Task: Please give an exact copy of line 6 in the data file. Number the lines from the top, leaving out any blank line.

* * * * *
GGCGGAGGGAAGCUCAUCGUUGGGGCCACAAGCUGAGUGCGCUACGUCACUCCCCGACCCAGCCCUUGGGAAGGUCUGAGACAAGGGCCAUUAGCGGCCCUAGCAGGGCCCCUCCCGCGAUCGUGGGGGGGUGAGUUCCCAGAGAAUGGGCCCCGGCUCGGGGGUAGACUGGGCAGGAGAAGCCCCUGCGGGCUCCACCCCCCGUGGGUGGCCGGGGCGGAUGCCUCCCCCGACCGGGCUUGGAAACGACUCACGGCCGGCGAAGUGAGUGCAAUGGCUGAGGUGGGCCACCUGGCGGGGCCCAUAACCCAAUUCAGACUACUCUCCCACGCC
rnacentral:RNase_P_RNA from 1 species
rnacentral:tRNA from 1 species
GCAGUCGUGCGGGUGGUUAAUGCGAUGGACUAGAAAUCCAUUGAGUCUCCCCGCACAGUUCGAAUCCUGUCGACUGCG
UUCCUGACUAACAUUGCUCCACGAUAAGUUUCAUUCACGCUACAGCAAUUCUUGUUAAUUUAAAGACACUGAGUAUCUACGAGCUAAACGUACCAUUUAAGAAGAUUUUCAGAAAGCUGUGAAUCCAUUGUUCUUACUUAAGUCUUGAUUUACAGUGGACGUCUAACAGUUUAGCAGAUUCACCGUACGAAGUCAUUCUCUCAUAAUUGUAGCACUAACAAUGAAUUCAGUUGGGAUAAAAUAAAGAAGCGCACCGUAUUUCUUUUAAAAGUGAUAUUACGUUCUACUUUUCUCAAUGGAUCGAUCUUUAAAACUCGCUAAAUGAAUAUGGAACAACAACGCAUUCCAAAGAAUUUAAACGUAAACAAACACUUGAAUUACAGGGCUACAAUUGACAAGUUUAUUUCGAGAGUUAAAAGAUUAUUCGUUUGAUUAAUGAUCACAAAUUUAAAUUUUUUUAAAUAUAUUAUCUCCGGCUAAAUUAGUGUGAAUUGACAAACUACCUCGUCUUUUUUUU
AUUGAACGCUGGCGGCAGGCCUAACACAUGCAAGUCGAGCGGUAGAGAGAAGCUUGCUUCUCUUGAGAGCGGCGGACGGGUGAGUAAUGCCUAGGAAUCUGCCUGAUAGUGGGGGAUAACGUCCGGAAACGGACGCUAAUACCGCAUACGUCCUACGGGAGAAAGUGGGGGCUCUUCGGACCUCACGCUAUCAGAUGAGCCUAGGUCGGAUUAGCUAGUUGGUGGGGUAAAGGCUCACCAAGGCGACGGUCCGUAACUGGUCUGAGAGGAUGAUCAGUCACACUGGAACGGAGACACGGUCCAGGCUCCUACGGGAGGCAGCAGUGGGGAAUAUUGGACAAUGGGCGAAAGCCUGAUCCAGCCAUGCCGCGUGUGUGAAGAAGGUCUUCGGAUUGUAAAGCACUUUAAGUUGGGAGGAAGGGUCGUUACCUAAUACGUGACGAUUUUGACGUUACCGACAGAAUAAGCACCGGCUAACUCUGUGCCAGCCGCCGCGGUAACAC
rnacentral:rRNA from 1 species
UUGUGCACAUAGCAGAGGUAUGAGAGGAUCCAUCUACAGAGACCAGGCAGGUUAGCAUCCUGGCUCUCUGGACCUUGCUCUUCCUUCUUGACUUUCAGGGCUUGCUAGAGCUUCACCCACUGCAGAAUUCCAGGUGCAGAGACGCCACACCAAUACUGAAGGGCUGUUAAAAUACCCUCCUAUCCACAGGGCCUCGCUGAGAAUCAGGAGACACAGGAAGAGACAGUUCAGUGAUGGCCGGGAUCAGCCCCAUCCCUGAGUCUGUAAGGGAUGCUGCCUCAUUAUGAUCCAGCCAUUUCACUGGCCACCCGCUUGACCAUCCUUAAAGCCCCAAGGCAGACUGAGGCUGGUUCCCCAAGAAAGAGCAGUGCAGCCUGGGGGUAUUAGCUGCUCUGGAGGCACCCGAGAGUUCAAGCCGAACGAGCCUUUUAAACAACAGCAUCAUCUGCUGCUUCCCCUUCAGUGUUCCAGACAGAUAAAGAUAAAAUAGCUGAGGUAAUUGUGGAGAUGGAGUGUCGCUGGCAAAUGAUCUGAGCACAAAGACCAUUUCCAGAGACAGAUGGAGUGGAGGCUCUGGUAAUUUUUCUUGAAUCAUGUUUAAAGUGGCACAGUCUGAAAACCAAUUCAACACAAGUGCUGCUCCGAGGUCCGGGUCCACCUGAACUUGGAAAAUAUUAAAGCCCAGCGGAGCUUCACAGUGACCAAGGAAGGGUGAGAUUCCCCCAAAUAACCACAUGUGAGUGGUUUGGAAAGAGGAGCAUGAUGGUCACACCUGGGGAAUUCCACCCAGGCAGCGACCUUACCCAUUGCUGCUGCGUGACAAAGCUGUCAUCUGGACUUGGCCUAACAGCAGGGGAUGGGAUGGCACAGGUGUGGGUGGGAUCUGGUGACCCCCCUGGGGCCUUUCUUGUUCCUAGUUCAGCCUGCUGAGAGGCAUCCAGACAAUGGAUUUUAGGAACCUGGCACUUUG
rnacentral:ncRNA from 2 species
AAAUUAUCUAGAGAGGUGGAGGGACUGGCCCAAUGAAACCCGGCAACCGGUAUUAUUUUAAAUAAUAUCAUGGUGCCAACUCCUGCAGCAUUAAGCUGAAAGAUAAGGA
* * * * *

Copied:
AUUGAACGCUGGCGGCAGGCCUAACACAUGCAAGUCGAGCGGUAGAGAGAAGCUUGCUUCUCUUGAGAGCGGCGGACGGGUGAGUAAUGCCUAGGAAUCUGCCUGAUAGUGGGGGAUAACGUCCGGAAACGGACGCUAAUACCGCAUACGUCCUACGGGAGAAAGUGGGGGCUCUUCGGACCUCACGCUAUCAGAUGAGCCUAGGUCGGAUUAGCUAGUUGGUGGGGUAAAGGCUCACCAAGGCGACGGUCCGUAACUGGUCUGAGAGGAUGAUCAGUCACACUGGAACGGAGACACGGUCCAGGCUCCUACGGGAGGCAGCAGUGGGGAAUAUUGGACAAUGGGCGAAAGCCUGAUCCAGCCAUGCCGCGUGUGUGAAGAAGGUCUUCGGAUUGUAAAGCACUUUAAGUUGGGAGGAAGGGUCGUUACCUAAUACGUGACGAUUUUGACGUUACCGACAGAAUAAGCACCGGCUAACUCUGUGCCAGCCGCCGCGGUAACAC